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Hockey camp

Discussion in 'Parents of Children with Type 1' started by shannong, Feb 13, 2014.

  1. shannong

    shannong Approved members

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    Hi there,

    I' m thinking about signing my son up for hockey camp. I'm not sure what to do with the Dexcom receiver while he is at camp. Carrying the receiver is too much for him under his hockey equipment. Plus even if he had it on him and an alarm went off, I think it would be difficult for him to pull it out (I have had to try to pull out his pump when he is fully dressed in hockey equipment and found it difficult).

    Should I ask one of the instructors to carry it for him?

    Also, when you send your child to short term programs, do you pretty much just cover the basics ie. treating lows? The camp is only half-days.
     
  2. Sarah Maddie's Mom

    Sarah Maddie's Mom Approved members

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    Well, I suppose it depends on the camp instructor's attitude and too, how you're using the dexcom data during camp. Can the transmitter be relied upon to communicate with the receiver? And if so, are you counting on the staff to respond to it? Or is it more a question of recording the data for pattern searching later? Your son is 8? Does he normally manage things at school?

    In other words I'm not sure ;-) It would really depend on what is practical, what is effective and what keeps your son happiest and safest.
     
  3. hawkeyegirl

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    At age 8, I wouldn't have sent him to a half-day athletic camp unless there was someone there who was fully-trained on D.
     
  4. cm4kelly

    cm4kelly Approved members

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    I would be a little apprehensive sending him too unless I could be there the whole time. Even though he has a CGM, all of the activity of hockey and excitement could really mess with his numbers. I think 8 would be a little young to send him on his own unless a specific adult was willing to be trained to help him.

    If he was a little older, I think it would be okay.
     
  5. Beach bum

    Beach bum Approved members

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    Normally, I'd be one to say we can make this work. But, at age 8, I would need to know that there is a trained medical person on staff. Being that it's a hockey camp, I'd be concerned that the coach(es) would not be able to give 100% attention to your child. Honestly, the only way I would allow my child to do something like this is to go myself and be invisible (8 years in, I got pretty good at becoming invisible!). There is just so much activity involved with hockey, I'd be concerned with lows.

    My daughter first went unaccompanied to a camp without medical staff at age 10. Until then, I let her go, but let the staff know I was always nearby, or I even volunteered at a few.

    I know it stinks, a lot of other kids can go without even a thought. But, with diabetes it adds one more layer of thought.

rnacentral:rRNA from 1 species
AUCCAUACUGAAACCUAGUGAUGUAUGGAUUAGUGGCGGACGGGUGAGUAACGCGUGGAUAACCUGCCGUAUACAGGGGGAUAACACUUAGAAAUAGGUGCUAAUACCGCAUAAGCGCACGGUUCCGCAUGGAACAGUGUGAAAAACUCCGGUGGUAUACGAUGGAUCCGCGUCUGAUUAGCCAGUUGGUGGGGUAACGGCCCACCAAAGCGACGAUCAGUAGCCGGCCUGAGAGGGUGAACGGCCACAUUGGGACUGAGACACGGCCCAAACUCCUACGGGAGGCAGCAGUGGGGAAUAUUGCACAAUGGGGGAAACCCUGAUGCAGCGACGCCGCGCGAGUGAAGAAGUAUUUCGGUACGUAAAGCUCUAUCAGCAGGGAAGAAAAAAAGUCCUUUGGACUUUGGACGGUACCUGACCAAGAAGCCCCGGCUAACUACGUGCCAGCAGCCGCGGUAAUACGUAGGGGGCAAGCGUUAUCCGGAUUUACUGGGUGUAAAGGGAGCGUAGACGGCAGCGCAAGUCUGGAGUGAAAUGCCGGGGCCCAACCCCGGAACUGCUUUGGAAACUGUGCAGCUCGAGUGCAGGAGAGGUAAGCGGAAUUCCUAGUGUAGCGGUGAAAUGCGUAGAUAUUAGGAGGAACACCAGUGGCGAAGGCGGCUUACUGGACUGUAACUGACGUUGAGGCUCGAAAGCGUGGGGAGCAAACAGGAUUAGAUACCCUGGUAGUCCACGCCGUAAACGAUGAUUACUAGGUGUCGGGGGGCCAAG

6. hawkeyegirl

    hawkeyegirl Approved members

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    It appears that age 10 will be about right for us too, when it comes to things like going unaccompanied to camp. Maybe 11.
     
  7. MomofSweetOne

    MomofSweetOne Approved members

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    It continues into the teen years as well.
     
  8. shannong

    shannong Approved members

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    I think you summed up all the questions that were milling around in my head! I suppose I just want the receiver near him so that I get the data, not for anyone to respond to it (well perhaps to low alarms but nothing else). My son manages his d care on his own at school (he calls me as well), but no one at the school gives support anymore. There has never been a time when he hasn't felt his low and usually he feels them way before the Dexcom alerts him. He also knows how to treat himself for a low, as this has happened many times at school. The camp runs half days on Saturdays for two months starting in March.

    My son loves hockey and plans to play next year with a high level team. He needs more ice time in order to do this. His coach is running a full day camp this summer but I don't like the idea of sending him all day. I liked the idea of this half day camp, once a week. Seems to be the most manageable thing to do. It is great to get feedback from other parents though and I will stay at the rink during the camp.
     
    Last edited: Feb 13, 2014
  9. DavidN

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    Sounds like a good solution to me. And he sounds like a responsible little 8-year old. We did day camp last year when my son was 9. We had a couple counselors looking after him, reminding him to text BG numbers, and there was also a nurse on duty not far away. If you're going to be there full time then it's a no brainer. My son usually feels his lows, but when out running around doing what he loves, not so much. Hope your son has a blast.
     
  10. Deal

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    I usually let the counselors know what is going on, what to look for, and what to do. However, I always stick around and watch. I let them know that I might wave him off at some time during the session and they are always cooperative. I do find that hockey tends to push him high versus other sports like swimming that drives him low. I always have a bit extra insulin on board when the practice starts then watch for the drop once the activity ends.
     

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